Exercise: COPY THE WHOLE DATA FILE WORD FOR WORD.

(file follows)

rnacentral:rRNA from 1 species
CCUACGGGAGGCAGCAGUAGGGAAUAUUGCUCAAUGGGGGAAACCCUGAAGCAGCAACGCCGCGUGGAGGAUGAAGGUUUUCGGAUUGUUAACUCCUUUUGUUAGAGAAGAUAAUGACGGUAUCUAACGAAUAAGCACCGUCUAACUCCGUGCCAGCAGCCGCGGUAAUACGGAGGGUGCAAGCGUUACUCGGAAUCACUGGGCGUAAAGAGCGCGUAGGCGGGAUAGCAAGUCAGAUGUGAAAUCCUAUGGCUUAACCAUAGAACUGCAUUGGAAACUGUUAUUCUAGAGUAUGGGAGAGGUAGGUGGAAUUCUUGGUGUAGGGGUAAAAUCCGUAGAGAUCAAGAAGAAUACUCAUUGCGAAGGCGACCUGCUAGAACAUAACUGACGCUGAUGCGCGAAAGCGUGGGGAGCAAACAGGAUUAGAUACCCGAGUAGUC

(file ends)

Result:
rnacentral:rRNA from 1 species
CCUACGGGAGGCAGCAGUAGGGAAUAUUGCUCAAUGGGGGAAACCCUGAAGCAGCAACGCCGCGUGGAGGAUGAAGGUUUUCGGAUUGUUAACUCCUUUUGUUAGAGAAGAUAAUGACGGUAUCUAACGAAUAAGCACCGUCUAACUCCGUGCCAGCAGCCGCGGUAAUACGGAGGGUGCAAGCGUUACUCGGAAUCACUGGGCGUAAAGAGCGCGUAGGCGGGAUAGCAAGUCAGAUGUGAAAUCCUAUGGCUUAACCAUAGAACUGCAUUGGAAACUGUUAUUCUAGAGUAUGGGAGAGGUAGGUGGAAUUCUUGGUGUAGGGGUAAAAUCCGUAGAGAUCAAGAAGAAUACUCAUUGCGAAGGCGACCUGCUAGAACAUAACUGACGCUGAUGCGCGAAAGCGUGGGGAGCAAACAGGAUUAGAUACCCGAGUAGUC